What Was A Type Founder, And What Did He Do?
"We shall see nothing of Streatham while we are in town; Mrs. Hill is to lye in of a daughter. Mrs. Blackstone is to be with her. Mrs. Heathcote and Miss Biggare just leaving her. The latter writes me word that Miss Blackford is married, but I have never seen it in the papers, and one may as well be single if the wedding is not to be in print." Jane Austen to Anna Austen-Knight, 1814The first part of the type founder’s business is to prepare the metal, which is a composition of lead and regulus of antimony, melted together in a furnace. In larger foundries this metal is cast into bars of twenty pounds each, which are delivered to the workmen as occasions may require; this is a laborious and unwholesome part o the business, owing to the fumes which are thrown off. Fifteen hundred weight of this metal is cast in a day, and the type founders usually cast as much at one casting as will last six months. We now come to the letter-cutter; that is, to him who cuts the moulds in which the letters are cast; and he much be provided with vices, hammers, files, gravers, and gauges of various kinds. He then prepares steel punches, on the face of which he draws or marks the exact shape of the letter, and with the pointed gravers and sculptors he digs out the steel between the strokes or marks which he made on the face of the punch, leaving the marks standing. Having shaped the inside strokes of the letter, he deepens the hollows with the same tools; for, if a letter be not deep in proportion to its width, it will, when used at press, print black, and be good for nothing. He then works the outside with files till it is fit for the matrice. A matrice is a piece of brass or copper about an inch and a half long, and thick in proportion to the size of the letter it is to contain. In this metal is sunk the face of the letter intended to be case, by striking the letter-punch. After this the sides and face of the matrice must be cleared, with files, of all bunchings made by sinking the punch. When the metal and other things are properly prepared, the matrice is fastened to the end of the mould, which the caster holds in his left hand, while he pours the metal in with his right. By a sudden jerk of the hand, the metal runs into the cavity of the matrice and takes the figure or impression. The mould consists of an under and upper half, of which the latter is taken off as soon as the letter is cast, and the caster throws the letter upon a sheet of paper, laid for the purpose on a bench or table, and he is then ready to cast another letter as before. When the casters have made a certain number of types, which are made much longer than they are wanted, boys come and break away the jets, or extra lengths from the types; the jets they cast into the pot, and the types are carried to the man who is represented sitting at his work in the plate, who polishes their broadsides. This is a very dexterous operation; for the man, in turning up the tupes, does it so quickly, by a mere touch of the fingers of the left hand, as not to require the least perceptible intermission in the motion of the right hand upon the stone. The caster represented in the plate is seen in the act of pouring the metal into the mould. He takes it up with a small ladle from the pan, which is constantly kept over the fire in a sort of stove under the brick-work. The iron plate on the right hand of the caster is to defend him from the heat of the fire, and the screen between the two workmen is to prevent the man sitting from being injured by the metal, which is apt to fly about by the operation of casting. On the table near the newly cast types, are several blocks of metal, with which the caster replenishes his pan as he makes the letters. A type founder will cast upwards of 3000 letters in a day; and the perfection of letters thus cast, consists in their being all straight and square; of the same height, and evenly lined, without sloping one way or the other. What is called a found or font of letter, is a quantity of each kind cast by the letter-founder and properly sorted. A complete font includes, besides the running letters, all the single letters, double letters, points, commas, lines borders, head and tail pieces, and numerical characters. Letter-founders have a kind of list by which they regulate their founts: this is absolutely necessary, as some letters are much more frequently used than others, of course the cells containing these should be better stored than those of the letters which do not so often recur. Thus a fount does not contain an equal number of a and b, or of e and z. In a fount contacting a hundred thousand characters, the a should have five thousand, the c three thousand, the e eleven thousand, the i six thousand, and the other letters in proportion. Printers order their founts either by the hundred weight or by the sheet. If they order a fount of five hundred, they mean that the whole shall weigh 500 lb.; but if they demand a fount of ten sheets, it is understood that with this fount they shall be able to compose ten sheets, or twenty forms, without being obliged to distribute. The type founder reckons 120 lb to a sheet, but this varies with the nature of the letter.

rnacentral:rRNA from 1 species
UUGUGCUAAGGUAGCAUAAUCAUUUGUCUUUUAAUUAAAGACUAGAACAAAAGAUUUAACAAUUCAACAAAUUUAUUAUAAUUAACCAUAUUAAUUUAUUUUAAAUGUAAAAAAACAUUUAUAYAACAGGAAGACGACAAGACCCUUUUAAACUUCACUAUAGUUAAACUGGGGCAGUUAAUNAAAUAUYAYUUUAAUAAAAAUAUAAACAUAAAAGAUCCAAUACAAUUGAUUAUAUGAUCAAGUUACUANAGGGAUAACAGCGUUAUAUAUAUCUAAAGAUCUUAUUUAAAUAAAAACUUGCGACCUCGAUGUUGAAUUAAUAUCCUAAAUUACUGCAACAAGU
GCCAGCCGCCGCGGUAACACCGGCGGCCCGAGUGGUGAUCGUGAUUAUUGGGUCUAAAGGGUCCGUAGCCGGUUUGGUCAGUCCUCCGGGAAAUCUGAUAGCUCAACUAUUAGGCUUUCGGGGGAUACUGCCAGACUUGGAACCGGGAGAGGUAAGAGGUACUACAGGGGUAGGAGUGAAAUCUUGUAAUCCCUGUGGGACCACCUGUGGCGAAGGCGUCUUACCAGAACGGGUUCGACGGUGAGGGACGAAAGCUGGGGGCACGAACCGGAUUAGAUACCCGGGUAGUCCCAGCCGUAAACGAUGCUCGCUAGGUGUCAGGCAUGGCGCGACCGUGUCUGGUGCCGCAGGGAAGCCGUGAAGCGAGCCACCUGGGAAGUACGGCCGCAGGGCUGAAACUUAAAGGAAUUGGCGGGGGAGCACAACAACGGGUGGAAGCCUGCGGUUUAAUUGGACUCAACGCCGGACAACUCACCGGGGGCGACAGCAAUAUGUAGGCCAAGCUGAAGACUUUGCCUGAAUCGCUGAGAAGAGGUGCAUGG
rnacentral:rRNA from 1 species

From The Book of Trades or Library of the Useful Arts, Part I The First American Edition; 1807